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The Skinny on Viticulture's Hippest Grapes

Orange Wine

Try the 2010 “Our Wine,” a Georgian Rkatsiteli varietal, in Et Al.’s piyalas (clay bowls). Its Italian counterparts use Ribolla Gialla, Trebbiano, and Malvasia grapes. Photo by Andrea Wyner

San Francisco drinkers love a trend. Gin, rye, and rosé have all seen waves of rediscovery in recent years, and lately, orange wine is all the rage. But what’s behind the novel hue?

Drawing on ancient methods, winemakers across the US, Europe, Australia, and the country of Georgia are making a style of natural white wine in which the skins are left on during fermentation, giving it a golden and often deep orange hue—as well as structure, tannins, and a food-friendly funkiness. “It’s like red wine made with white grapes,” says Ceri Smith, owner of Russian Hill’s Biondivino Wine Boutique and newly opened Et Al. wine bar. She explains how the fad began as a backlash against the conformity of modern wines in Italy. “You’re tasting what is really the oldest type of wine known to man,” Smith says, showing off a bottle from a Georgian monastery called Alaverdi, which opened in 1011.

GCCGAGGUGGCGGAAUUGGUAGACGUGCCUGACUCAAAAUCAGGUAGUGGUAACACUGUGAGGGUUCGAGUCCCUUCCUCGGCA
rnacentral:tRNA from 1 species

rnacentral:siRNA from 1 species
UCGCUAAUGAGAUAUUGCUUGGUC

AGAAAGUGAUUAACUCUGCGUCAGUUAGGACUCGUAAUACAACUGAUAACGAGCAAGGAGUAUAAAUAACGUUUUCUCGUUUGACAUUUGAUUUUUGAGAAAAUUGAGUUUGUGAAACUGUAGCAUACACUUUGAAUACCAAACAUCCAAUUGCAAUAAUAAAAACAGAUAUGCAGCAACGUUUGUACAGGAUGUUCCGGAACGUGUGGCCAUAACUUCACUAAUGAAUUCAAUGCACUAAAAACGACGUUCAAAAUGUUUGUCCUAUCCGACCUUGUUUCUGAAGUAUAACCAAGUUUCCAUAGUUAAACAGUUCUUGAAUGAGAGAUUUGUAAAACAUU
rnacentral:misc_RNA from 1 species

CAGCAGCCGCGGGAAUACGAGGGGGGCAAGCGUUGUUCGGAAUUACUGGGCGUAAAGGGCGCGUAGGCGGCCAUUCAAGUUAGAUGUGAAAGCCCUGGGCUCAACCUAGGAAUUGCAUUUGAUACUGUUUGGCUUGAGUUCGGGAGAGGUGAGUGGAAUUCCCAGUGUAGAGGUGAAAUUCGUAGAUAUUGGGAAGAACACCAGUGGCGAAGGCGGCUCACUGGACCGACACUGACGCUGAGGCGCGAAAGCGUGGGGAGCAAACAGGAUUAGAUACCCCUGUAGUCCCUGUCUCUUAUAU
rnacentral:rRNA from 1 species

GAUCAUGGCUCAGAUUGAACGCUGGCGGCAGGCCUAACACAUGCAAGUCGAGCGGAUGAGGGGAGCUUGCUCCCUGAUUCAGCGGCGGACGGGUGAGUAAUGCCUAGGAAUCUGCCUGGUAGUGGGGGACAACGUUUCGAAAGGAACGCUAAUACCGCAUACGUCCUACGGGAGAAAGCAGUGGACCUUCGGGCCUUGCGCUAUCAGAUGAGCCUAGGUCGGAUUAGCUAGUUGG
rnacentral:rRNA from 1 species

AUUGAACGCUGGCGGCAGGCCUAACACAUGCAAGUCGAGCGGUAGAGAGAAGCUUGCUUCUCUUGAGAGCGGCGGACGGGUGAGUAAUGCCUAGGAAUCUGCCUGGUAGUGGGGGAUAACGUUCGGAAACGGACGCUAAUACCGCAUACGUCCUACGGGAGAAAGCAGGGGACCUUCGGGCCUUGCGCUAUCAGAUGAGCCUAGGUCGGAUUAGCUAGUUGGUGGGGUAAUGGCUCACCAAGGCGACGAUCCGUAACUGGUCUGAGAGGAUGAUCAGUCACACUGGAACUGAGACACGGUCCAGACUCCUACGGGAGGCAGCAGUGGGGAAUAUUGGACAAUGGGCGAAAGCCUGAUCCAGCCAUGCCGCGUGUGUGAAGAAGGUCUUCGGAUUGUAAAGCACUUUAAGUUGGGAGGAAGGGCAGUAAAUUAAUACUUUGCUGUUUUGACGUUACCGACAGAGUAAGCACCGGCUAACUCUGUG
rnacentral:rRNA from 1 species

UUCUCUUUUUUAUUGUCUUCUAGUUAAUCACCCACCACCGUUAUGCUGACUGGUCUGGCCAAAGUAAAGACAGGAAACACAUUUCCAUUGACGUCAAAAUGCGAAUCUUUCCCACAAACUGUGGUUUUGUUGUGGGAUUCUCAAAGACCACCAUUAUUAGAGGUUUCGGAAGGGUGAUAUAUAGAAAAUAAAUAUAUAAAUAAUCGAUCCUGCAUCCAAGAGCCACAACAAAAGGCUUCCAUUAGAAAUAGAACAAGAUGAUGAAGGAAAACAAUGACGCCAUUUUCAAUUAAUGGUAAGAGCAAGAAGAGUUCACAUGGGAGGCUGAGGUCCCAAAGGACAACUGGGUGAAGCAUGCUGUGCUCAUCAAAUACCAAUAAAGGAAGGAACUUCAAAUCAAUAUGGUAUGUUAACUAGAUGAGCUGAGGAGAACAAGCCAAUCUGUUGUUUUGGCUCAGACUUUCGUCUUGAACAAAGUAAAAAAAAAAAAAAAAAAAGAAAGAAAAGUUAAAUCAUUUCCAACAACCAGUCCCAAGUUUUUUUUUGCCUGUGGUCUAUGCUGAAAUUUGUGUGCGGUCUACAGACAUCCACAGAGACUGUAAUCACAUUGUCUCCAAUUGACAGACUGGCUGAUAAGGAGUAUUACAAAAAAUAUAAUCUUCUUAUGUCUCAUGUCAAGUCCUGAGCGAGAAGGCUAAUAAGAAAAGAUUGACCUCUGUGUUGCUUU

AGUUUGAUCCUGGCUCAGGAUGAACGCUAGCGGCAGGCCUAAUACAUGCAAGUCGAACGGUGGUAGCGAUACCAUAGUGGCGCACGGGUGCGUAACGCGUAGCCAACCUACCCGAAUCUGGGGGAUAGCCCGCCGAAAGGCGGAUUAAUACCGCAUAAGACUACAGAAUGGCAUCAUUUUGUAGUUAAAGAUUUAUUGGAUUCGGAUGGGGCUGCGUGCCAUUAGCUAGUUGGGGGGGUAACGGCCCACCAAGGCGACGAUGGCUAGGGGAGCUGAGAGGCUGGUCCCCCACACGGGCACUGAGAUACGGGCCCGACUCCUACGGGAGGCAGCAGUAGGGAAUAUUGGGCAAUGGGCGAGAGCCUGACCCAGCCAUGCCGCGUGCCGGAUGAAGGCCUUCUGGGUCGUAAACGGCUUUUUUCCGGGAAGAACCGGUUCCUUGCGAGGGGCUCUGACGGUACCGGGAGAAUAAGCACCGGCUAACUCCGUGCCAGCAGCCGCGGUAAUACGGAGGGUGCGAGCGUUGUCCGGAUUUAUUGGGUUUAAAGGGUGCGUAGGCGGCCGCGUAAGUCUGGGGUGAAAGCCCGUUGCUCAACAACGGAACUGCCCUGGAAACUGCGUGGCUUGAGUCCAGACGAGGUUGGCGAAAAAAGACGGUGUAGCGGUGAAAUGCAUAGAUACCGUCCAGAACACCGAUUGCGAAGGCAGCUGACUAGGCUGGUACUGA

Expect a range of dry, floral, apple, and tangy oxidized notes that may prove too much for some tasters. One well-known bottle, Radikon, has the tannins and earthy flavors of a light Pinot Noir. “I crave them,” says A16 and SPQR owner-sommelier Shelley Lindgren, adding that the acidity and savoriness of some orange wines makes them incredibly versatile for food pairings. “We’re pouring one that literally goes with everything.”

Test your tastebuds at Et Al (Russian Hill), 415-655-3155; La Ciccia (NoeValley); SPQR (Pacific Heights); St. Vincent (Mission); and Terroir (SoMa).

This article was published in 7x7's March issue. Click here to subscribe.